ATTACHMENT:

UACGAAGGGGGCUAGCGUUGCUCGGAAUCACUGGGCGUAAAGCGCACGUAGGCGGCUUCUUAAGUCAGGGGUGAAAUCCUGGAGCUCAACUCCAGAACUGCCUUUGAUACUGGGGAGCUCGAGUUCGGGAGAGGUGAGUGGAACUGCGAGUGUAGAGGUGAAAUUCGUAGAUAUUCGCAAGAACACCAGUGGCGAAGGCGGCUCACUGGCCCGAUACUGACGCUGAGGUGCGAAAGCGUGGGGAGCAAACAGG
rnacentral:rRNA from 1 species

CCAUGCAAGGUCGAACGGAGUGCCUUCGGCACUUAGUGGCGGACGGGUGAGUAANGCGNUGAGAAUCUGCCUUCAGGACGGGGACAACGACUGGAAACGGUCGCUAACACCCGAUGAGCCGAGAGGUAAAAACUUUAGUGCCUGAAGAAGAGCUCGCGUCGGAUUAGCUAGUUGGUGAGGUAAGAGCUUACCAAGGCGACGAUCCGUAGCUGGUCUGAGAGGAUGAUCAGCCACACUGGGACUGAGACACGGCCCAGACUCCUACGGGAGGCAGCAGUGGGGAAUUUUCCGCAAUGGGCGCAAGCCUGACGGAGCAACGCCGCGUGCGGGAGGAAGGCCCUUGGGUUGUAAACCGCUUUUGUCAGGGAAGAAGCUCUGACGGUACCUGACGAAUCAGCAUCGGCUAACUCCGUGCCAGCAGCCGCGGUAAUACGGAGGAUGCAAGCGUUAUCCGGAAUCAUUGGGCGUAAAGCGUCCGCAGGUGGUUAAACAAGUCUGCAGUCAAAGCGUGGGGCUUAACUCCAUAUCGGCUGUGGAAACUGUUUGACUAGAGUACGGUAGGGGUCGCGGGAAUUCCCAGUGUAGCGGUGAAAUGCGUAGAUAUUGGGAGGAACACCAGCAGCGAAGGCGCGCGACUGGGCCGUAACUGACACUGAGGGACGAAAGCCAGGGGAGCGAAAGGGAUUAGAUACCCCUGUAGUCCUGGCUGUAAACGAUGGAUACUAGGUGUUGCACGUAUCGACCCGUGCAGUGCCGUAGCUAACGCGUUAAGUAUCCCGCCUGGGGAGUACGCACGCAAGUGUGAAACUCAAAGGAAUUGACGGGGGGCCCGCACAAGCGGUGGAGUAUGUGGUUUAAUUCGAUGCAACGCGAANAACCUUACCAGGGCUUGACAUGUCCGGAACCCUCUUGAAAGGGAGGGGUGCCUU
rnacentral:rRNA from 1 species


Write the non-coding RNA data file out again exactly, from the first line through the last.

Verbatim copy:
UACGAAGGGGGCUAGCGUUGCUCGGAAUCACUGGGCGUAAAGCGCACGUAGGCGGCUUCUUAAGUCAGGGGUGAAAUCCUGGAGCUCAACUCCAGAACUGCCUUUGAUACUGGGGAGCUCGAGUUCGGGAGAGGUGAGUGGAACUGCGAGUGUAGAGGUGAAAUUCGUAGAUAUUCGCAAGAACACCAGUGGCGAAGGCGGCUCACUGGCCCGAUACUGACGCUGAGGUGCGAAAGCGUGGGGAGCAAACAGG
rnacentral:rRNA from 1 species

CCAUGCAAGGUCGAACGGAGUGCCUUCGGCACUUAGUGGCGGACGGGUGAGUAANGCGNUGAGAAUCUGCCUUCAGGACGGGGACAACGACUGGAAACGGUCGCUAACACCCGAUGAGCCGAGAGGUAAAAACUUUAGUGCCUGAAGAAGAGCUCGCGUCGGAUUAGCUAGUUGGUGAGGUAAGAGCUUACCAAGGCGACGAUCCGUAGCUGGUCUGAGAGGAUGAUCAGCCACACUGGGACUGAGACACGGCCCAGACUCCUACGGGAGGCAGCAGUGGGGAAUUUUCCGCAAUGGGCGCAAGCCUGACGGAGCAACGCCGCGUGCGGGAGGAAGGCCCUUGGGUUGUAAACCGCUUUUGUCAGGGAAGAAGCUCUGACGGUACCUGACGAAUCAGCAUCGGCUAACUCCGUGCCAGCAGCCGCGGUAAUACGGAGGAUGCAAGCGUUAUCCGGAAUCAUUGGGCGUAAAGCGUCCGCAGGUGGUUAAACAAGUCUGCAGUCAAAGCGUGGGGCUUAACUCCAUAUCGGCUGUGGAAACUGUUUGACUAGAGUACGGUAGGGGUCGCGGGAAUUCCCAGUGUAGCGGUGAAAUGCGUAGAUAUUGGGAGGAACACCAGCAGCGAAGGCGCGCGACUGGGCCGUAACUGACACUGAGGGACGAAAGCCAGGGGAGCGAAAGGGAUUAGAUACCCCUGUAGUCCUGGCUGUAAACGAUGGAUACUAGGUGUUGCACGUAUCGACCCGUGCAGUGCCGUAGCUAACGCGUUAAGUAUCCCGCCUGGGGAGUACGCACGCAAGUGUGAAACUCAAAGGAAUUGACGGGGGGCCCGCACAAGCGGUGGAGUAUGUGGUUUAAUUCGAUGCAACGCGAANAACCUUACCAGGGCUUGACAUGUCCGGAACCCUCUUGAAAGGGAGGGGUGCCUU
rnacentral:rRNA from 1 species